Donald Trump has bad timing. On Friday, he sent a letter to the Pulitzer Prize Board reiterating his demand that it rescind the awards given to the New York Times and the Washington Post in 2018 for their coverage of the Trump-Russia scandal. (That’s not what he called it.) He based this request on the prosecution of Democratic lawyer Michael Sussmann, who was indicted by special counsel John Durham for allegedly lying to the FBI during a September 2016 meeting when he shared with the bureau computer data research that suggested there might be a connection between a Trump-related business and Alfa Bank, a large Russian financial entity. Trump claimed the Sussmann case showed the “Russia hoax was a dirty campaign trick promulgated by Crooked Hillary Clinton and her associates.” Five days later, the jury, after only several hours of deliberation, acquitted Sussmann. Oops.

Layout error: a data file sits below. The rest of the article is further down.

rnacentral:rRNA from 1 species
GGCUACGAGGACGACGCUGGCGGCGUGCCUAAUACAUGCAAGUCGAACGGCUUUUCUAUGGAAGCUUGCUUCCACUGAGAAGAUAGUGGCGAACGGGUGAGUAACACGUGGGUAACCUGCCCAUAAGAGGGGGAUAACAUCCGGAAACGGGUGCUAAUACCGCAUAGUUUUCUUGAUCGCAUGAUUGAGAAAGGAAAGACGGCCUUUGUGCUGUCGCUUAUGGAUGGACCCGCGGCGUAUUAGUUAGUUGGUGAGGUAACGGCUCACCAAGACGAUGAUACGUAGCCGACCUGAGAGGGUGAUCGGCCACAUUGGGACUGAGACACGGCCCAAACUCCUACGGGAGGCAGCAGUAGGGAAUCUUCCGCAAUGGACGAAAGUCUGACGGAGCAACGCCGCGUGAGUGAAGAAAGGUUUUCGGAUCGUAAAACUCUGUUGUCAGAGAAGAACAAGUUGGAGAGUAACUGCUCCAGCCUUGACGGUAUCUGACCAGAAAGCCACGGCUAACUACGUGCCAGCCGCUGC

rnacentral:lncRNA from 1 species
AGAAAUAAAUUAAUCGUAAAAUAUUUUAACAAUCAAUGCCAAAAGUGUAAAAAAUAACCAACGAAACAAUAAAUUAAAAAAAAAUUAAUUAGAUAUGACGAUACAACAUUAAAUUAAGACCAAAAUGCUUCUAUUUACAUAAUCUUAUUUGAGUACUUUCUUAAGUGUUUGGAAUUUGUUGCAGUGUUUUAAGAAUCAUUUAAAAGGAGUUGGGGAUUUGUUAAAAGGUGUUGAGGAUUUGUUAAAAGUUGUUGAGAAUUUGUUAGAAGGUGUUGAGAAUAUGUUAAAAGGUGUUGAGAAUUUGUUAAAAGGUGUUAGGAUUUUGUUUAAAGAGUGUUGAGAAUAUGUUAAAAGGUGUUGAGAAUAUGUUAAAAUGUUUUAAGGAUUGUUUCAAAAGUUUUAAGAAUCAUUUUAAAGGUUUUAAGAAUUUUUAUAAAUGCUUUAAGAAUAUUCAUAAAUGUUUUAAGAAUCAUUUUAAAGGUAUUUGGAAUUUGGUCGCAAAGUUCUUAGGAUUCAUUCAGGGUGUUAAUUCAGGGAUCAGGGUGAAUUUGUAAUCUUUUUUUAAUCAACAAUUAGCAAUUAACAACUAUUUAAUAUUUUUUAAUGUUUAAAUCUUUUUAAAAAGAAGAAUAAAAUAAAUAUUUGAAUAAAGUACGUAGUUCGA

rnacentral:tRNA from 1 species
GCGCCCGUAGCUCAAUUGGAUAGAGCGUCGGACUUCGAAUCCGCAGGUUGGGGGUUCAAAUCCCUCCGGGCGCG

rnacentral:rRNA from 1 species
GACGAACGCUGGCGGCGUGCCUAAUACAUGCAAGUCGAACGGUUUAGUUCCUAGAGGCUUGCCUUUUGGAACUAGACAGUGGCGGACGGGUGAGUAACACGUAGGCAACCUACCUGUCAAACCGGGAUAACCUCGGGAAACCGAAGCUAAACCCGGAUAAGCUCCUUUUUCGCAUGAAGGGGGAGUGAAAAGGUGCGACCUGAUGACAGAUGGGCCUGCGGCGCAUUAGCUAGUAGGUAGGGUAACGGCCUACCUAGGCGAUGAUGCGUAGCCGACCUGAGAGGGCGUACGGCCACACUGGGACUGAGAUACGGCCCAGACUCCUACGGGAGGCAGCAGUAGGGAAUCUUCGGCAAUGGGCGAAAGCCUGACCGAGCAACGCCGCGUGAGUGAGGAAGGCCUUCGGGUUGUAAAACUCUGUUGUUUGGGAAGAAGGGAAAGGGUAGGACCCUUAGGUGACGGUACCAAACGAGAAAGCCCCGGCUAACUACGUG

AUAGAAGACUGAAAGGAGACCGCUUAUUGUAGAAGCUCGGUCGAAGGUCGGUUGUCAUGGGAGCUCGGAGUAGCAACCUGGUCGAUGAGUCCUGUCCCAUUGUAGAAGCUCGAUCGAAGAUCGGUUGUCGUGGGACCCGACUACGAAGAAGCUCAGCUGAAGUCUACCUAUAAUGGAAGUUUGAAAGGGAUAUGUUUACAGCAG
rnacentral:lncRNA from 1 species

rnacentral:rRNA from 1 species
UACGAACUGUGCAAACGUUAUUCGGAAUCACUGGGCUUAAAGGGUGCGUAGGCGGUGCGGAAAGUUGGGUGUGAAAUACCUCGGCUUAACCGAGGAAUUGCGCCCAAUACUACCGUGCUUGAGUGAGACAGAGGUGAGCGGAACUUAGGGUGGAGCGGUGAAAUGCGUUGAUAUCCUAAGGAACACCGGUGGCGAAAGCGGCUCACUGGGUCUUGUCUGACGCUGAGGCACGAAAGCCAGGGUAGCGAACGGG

The quick not-guilty verdict was a sharp slap at Durham’s three-year-long investigation, which was launched by William Barr, when he was Trump’s loyalist attorney general, and which has come across as a political crusade mounted to undermine the various Trump-Russia investigations. Durham was tasked by Barr to investigate the origins of the FBI’s probe of the Russian attack on the 2016 election (which, according to multiple investigations, was waged to help Trump win) and the interactions between Trump associates and Russian operatives. Put simply, Durham’s job was to find that Trump had been set up by the bureau. When the Justice Department inspector general in late 2019 issued a report concluding the FBI had legitimate cause to investigate the Russian assault and the Trump campaign, Durham, in an unusual move, released a statement declaring, “we do not agree with some of the report’s conclusions as to predication and how the FBI case was opened.” A-ha, Trumpists exclaimed. Durham was on track to reveal that the FBI investigation was bogus from the get-go and Trump was right: It was all a hoax and a witch hunt.